When talking about speed the language that we use is important as what is clear to us may be easily misunderstood by students. Constant speed may be seen as ‘moving all the time’ and steady speed may be taken as ‘not too fast’. Going faster is often seen as ‘catching up’ and when one object overtakes another they are often described as having the same speed at the point of overtaking (Driver et al., 1994b). Making sure that students have a clear qualitative understanding of speed is necessary before introducing quantitative approaches (Driver et al., 1994a).

‘[Students] need more than a routine manipulation of numbers. They need to think of an object at a greater speed both getting to a particular point in a shorter time and going further in the same time, so as to have an understanding of the practical implications of speed as distance covered in a unit time.’ (Driver et al., 1994b)

The first question in this set checks what students think about the speed of an object travelling the same distance in a shorter time. The other three questions investigate how effectively students can use proportionality to compare speeds of two objects. This idea is necessary for understanding quantitative measures of speed.

Students should complete the question individually. This could be a pencil and paper exercise, or you could use an electronic ‘voting system’ or mini white boards and the PowerPoint presentation. The answers to the question will show you whether students understood the concept sufficiently well to apply it correctly.

If there is a range of answers, you may choose to respond through structured class discussion. Ask one student to explain why they gave the answer they did; ask another student to explain why they agree with them; ask another to explain why they disagree, and so on. This sort of discussion gives students the opportunity to explore their thinking and for you to really understand their learning needs.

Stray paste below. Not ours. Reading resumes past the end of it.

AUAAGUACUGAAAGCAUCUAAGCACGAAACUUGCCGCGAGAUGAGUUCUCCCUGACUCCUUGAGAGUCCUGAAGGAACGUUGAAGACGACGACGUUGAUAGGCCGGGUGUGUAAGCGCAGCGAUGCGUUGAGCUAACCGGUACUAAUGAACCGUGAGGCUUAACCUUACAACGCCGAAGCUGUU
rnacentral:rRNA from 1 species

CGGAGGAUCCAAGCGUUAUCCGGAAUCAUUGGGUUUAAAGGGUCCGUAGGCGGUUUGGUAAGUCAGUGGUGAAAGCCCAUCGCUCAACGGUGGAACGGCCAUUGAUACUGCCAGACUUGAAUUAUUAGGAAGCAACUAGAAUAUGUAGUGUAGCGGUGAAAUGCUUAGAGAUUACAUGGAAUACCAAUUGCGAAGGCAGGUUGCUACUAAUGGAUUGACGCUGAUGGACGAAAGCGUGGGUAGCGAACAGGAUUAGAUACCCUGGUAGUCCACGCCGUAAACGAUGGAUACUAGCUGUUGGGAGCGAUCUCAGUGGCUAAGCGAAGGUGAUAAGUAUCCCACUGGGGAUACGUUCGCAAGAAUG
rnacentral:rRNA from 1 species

**Equipment**

For the class:

- Metre ruler (a wooden ruler works well)
- Supports for each end of the ruler (e.g. piles of books)
- 2N weight (200g mass) – it is important that it is hard to detect flexing of the ruler when this weight is added, so its size may need to be adjusted to suit the particular equipment used.
- 10N weight (1kg mass)

*Differentiation*

You may choose to read the questions to the class, so that everyone can focus on the science. In some situations it may be more appropriate for a teaching assistant to read for one or two students.

When talking about speed the language that we use is important as what is clear to us may be easily misunderstood by students. Constant speed may be seen as ‘moving all the time’ and steady speed may be taken as ‘not too fast’. Going faster is often seen as ‘catching up’ and when one object overtakes another they are often described as having the same speed at the point of overtaking (Driver et al., 1994b). Making sure that students have a clear qualitative understanding of speed is necessary before introducing quantitative approaches (Driver et al., 1994a).

‘[Students] need more than a routine manipulation of numbers. They need to think of an object at a greater speed both getting to a particular point in a shorter time and going further in the same time, so as to have an understanding of the practical implications of speed as distance covered in a unit time.’ (Driver et al., 1994b)

Most students should answer Q1 correctly.

In Q2 if the red car carried on at the same speed for four seconds it would travel 6 metres.

In Q3 the blue car travels 8 metres in 4 seconds and at the same speed would travel 10 metres in 5 seconds.

In Q4, 9m in 3s means the red car travels 3m in every second. It would travel 5 x 3 = 15m in 5s. All of these questions can be reasoned by working out how many metres each car travels in one second, which gives a common comparison that we call speed. This allows the motion of cars in different questions to be compared.

If students have misunderstandings about how to compare relative speeds, it can help to model these questions, and others, with students. One way to do this is to have one student pace out a distance (say 8m in 4s). Before they start pacing they can suggest how many paces they need to take in each second. By counting out that number of paces each ‘second’ they can check whether they reach the correct distance in the time. If they are right they can pace out the comparison distance (or time) at the same pace to see which is quicker (or farther).